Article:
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Yesterday's Tel Aviv Stock Exchange session was a microcosm of all the external problems investors on Israel's financial markets have faced in the past two years. First there was an unusual security event - the assassination of a leading Hamas activist - which could lead to a political deterioration, and then there was the continuing crash of New York markets, which also brought down Asian and European markets.

In addition, the dollar gained on the euro worldwide and the Finance Ministry made new declarations and projections regarding the economic crisis and increased unemployment.

Unlike their behavior of recent weeks, the local bond and currency markets acted as expected yesterday and posted drops. TASE indexes slid ever further throughout the day, and the bond market kept up the previous day's negative momentum, with fixed-interest bonds posting drops.

The Maof-25 blue chip index dropped 1.76 percent by the end of trade to 378 points, while the TA-100 closed down 1.55 percent. Local currency trade emphasized the gap opening between the euro and the dollar globally, as the dollar gained 0.6 percent and the euro slipped 1.2 percent. The political and security ramifications of Monday's assassination also significantly influenced currency trade. Even after the representative dollar/shekel exchange rate had been set, the dollar continued to gain ground and traded at NIS 4.675.

The shekel bond market, which has attracted a lot of interest in the past few weeks, continued to fall yesterday as the weakening shekel affected trade. The dollar gain in local trade increases the inflation rate, thereby decreasing the gap between effective interest and the interest paid on fixed-interest Shahar bonds, making them less attractive. Also, investors who picked up Shahar bonds at their late-June nadir have made 10 and 20 percent capital gains, so the drops of the past few days may just be profit-taking.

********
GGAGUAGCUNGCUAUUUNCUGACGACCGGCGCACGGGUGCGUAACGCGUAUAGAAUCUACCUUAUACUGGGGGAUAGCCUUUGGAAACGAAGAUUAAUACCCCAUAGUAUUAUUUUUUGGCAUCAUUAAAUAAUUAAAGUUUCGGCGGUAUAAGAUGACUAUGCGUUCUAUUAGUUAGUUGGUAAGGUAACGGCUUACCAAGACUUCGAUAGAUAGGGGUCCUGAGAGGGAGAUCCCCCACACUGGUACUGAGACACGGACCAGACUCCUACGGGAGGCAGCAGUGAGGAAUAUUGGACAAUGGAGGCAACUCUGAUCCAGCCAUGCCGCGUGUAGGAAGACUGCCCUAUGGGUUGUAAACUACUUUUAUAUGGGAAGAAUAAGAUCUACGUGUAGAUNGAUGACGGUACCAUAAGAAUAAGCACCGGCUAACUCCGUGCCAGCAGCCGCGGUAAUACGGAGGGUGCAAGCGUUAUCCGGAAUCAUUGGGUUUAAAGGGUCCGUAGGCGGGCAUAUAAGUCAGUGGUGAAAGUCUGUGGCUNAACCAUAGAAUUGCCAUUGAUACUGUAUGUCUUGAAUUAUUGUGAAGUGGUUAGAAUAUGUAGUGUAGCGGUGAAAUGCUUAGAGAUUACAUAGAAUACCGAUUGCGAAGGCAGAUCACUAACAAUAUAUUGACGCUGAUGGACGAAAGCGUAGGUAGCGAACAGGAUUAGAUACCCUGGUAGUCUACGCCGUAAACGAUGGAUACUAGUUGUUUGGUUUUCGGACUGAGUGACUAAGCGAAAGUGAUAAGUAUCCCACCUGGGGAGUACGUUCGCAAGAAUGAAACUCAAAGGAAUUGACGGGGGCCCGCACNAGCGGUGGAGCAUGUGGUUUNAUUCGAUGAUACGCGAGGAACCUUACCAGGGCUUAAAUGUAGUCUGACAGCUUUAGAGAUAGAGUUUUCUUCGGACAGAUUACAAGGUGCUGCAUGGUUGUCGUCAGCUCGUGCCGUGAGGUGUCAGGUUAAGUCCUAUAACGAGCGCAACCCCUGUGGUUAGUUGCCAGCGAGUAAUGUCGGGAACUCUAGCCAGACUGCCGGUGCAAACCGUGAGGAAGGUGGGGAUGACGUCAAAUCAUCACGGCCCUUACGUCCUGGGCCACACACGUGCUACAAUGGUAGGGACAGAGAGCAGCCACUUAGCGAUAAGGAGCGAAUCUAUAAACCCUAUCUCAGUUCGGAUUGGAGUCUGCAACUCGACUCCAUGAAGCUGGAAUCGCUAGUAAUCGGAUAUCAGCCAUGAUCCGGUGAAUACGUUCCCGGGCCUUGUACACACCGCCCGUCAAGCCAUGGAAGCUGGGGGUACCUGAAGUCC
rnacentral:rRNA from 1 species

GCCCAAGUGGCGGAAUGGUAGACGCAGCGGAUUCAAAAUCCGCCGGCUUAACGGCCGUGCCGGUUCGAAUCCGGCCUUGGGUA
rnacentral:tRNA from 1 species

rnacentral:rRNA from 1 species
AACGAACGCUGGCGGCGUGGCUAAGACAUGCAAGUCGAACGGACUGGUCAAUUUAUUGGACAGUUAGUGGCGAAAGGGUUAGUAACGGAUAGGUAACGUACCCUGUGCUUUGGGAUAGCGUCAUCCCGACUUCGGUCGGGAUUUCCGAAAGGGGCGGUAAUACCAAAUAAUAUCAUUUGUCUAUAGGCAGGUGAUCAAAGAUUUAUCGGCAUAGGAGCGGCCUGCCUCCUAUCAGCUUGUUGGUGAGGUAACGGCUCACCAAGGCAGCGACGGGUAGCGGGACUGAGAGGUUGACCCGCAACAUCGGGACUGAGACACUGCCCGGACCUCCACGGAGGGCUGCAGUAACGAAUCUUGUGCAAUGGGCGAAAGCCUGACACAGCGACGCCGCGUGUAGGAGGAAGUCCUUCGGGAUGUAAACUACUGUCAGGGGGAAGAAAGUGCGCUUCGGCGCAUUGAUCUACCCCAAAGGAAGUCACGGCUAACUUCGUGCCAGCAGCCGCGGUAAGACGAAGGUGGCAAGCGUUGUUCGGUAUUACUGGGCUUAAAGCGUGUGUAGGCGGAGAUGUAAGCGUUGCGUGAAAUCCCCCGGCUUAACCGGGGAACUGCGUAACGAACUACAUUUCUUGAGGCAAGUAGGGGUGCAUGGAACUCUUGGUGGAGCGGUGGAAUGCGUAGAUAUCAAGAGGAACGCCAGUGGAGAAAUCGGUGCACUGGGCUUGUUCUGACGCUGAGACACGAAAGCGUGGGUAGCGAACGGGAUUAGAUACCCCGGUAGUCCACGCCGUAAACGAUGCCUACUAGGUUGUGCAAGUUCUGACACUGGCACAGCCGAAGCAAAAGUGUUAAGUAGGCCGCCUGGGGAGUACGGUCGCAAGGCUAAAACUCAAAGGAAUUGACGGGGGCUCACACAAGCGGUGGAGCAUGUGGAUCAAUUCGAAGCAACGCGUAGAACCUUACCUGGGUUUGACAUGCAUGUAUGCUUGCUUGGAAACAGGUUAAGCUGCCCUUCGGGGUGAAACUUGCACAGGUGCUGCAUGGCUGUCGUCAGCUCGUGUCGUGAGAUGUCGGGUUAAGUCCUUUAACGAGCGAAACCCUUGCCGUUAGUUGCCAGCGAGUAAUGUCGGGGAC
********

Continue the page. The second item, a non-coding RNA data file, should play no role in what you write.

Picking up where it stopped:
Despite yesterday's drops, Tel Aviv markets have not yet responded to the global markets' substantial drops of the past few weeks. European and U.S. markets are at five-year lows, and while the TASE has climbed they have plummeted by 30 percent.

Capital market players continue to claim stubbornly that major entities preparing for tomorrow's Maof options expiry are artificially boosting the market. Others note that major players, including big insurance companies, have invested not insignificant sums in keeping share prices up because of their losses on overseas markets. Turnover, which has doubled recently, indicates that an additional NIS 1 billion has been pumped into the market for the purpose.

Not a single Maof company posted a gain yesterday. Particularly sharp drops were recorded in the IDB group with Discount Investments dropping 3.3 percent, IDB Development and IDB Holdings falling by more than 3 percent each, and Clal Industries shedding 2 percent. Koor dove 4 percent. Major banks Leumi and Hapoalim took sharp hits, with Leumi down 2.3 percent and Hapoalim off 2.8 percent. Teva Pharmaceuticals (Nasdaq: TEVA) saw the market's highest turnover at NIS 57 million on a 1.9 percent slide.